Commercial, not consumer drone services is where it’s at now

Commercial Drone Services

Drone services are where the smart money now lies. The drone industry is facing major changes as the consumer demand has weakened and prices have dropped therefore forcing startups to place greater focus on applications for specialized businesses.

Early drone startup 3D Robotics raised $125 million from investors has watched their consumer business all but crash. A new commercial strategy was unveiled this week as they announced a drone designed for construction companies that is camera-equipped with imaging software.

GoPro announced that they were recalling around 25,000 drones for refunds after having been on the market for only a couple of weeks due to sudden power outages that some of the units experienced.

Last year, Europe’s Zabo that designed mini drones for their consumers, was shut down.

Although many a drone maker over-estimated the demand on behalf of hobbyists, under newly relaxed regulations in the U.S., they now see many opportunities to sell to businesses. More than just a flying robot, entrepreneurs and investors see that drones as prospects in services and software which can make imaging from the air quite useful for industries such as agriculture and construction. Insurance and entertainment are industries that are especially strong.

Zipline - Zip Outbound
Zip is a small robot airplane designed for a high level of safety, using many of the same approaches as commercial airliners (Image:

Companies such as the drone startup, Zipline and Amazon are also developing drones aggressively for delivery.

China-based DJI has stung most startups competing to sell consumer drones which are most often used for photography and racing. This company has been able to dominate based on pricing alone. The popular Phantom 3 drone was discounted by DJI. For example, the list price previously was $1,000 at the start of the year. Now it’s about $400.

Drone services: the up-and-coming market for drones

After endless factories and warehouses were shuttered and scores of employees laid off, 3D Robotics based out of Berkeley has all but demolished their consumer business. This is regardless of the fact that they have a backlog of drones just sitting on store shelves of places like Best Buy. They are now selling for only one third of their starting price.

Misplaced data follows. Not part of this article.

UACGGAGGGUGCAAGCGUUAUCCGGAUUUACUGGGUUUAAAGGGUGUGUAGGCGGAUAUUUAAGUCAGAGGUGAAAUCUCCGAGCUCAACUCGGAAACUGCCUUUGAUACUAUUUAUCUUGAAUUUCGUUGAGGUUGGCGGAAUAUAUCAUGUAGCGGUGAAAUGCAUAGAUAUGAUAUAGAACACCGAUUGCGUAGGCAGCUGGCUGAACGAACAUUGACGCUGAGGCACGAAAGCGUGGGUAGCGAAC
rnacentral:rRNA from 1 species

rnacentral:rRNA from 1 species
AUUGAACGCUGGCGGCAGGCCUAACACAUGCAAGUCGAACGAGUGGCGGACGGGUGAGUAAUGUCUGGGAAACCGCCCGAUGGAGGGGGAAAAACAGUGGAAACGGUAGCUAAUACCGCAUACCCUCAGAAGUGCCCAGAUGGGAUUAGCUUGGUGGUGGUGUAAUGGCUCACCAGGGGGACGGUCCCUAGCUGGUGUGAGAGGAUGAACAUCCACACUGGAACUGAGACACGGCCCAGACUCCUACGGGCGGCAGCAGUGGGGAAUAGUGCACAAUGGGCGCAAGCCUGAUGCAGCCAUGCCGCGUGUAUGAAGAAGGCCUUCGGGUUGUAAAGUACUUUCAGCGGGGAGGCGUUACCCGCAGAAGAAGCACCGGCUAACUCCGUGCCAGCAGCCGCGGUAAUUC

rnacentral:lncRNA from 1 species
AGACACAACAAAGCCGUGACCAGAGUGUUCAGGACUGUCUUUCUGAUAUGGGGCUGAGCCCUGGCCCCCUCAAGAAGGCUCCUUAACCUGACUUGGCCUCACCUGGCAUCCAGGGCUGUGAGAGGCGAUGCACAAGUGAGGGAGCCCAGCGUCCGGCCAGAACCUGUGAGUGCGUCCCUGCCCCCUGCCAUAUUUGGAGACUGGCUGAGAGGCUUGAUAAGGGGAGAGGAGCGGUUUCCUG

This chill is widely being felt.

The Solo is now marketed more to commercial clients than the consumer. (Image: 3DR)
The Solo is now marketed more to commercial clients than the consumer. (Image: 3DR)

According to firm CB Insights data research, drone companies venture capital financing dropped 50% in the third quarter, from $134 million from last year to $55 million this year. The funding slump which is widespread across the technological sector is what this reflects, it also elevated the caution towards drone companies.

A partner at Scale Venture Partners, Rory O’Driscoll said that any new company attempting to compete against consumer drones of DJI would have a tough time.

He goes on to say that consumers purchase drones, they are a disposable item. After playing with it, they are simply done.

With a workforce of 6,000, many Silicon Valley startups are eclipsed by DJI. More than a year ago DJI began pursuing software development and began making commercial drones.

DJI spokesman for North America, Adam Lisberg said,

“Taking something out of a box, pressing a button and watching it fly was good enough four years ago. Drone services are now where the smart money lies.”

Hope is Raised With New Rules

The excitement in the industry related to business applications stems from the new rules which took effect in August. The FAA offered a pathway for commercial drone use, although there still may be some restrictions. Licensing was simplified with the new rules making it possible for a smaller company to become certified in operating commercial drones.

The plan at 3D Robotics is to set up the Solo with innovative technology that can capture 3D images which show the size, shape and volume of items found at the construction site.

DroneDeploy users have mapped over 2 million acres in 100 countries. (Image: DroneDeploy)
DroneDeploy users have mapped over 2 million acres in 100 countries. (Image: DroneDeploy)

The company is joining startups like Airware and DroneDeploy which focus on software that makes sense of images, whether it is the damage to a rooftop due to a hurricane or the angle of pipe that is laid at a construction site that is new. The drone in itself is considered almost an afterthought.

Report: Drones to replace services and labor

A report in May from PricewaterhouseCoopers estimated that around $127 billion worth of business services and labor are likely be replaced by drones by 2020. The same month, a separate report released from Grand View Research projected that the consumer drones annual global sales by 2024 would be at just $4.19 billion.

This does not mean that it will be simple to launch a commercial drone business. Last month, Trimble which manufactures global positioning devices, spun off their line of Gatewing drones.

According to a report this week by Bloomberg, managers have been pushed out and funding for commercial drone projects have been cut by Alphabet.

The plan that 3D Robotics has of upgrading a hobby-grade drone for commercial purposes is an idea that some industry experts are skeptical about.

Industry analyst Patrick Egan says,

It may be a bit too late for 3DR, they are not the only company that will run into issues.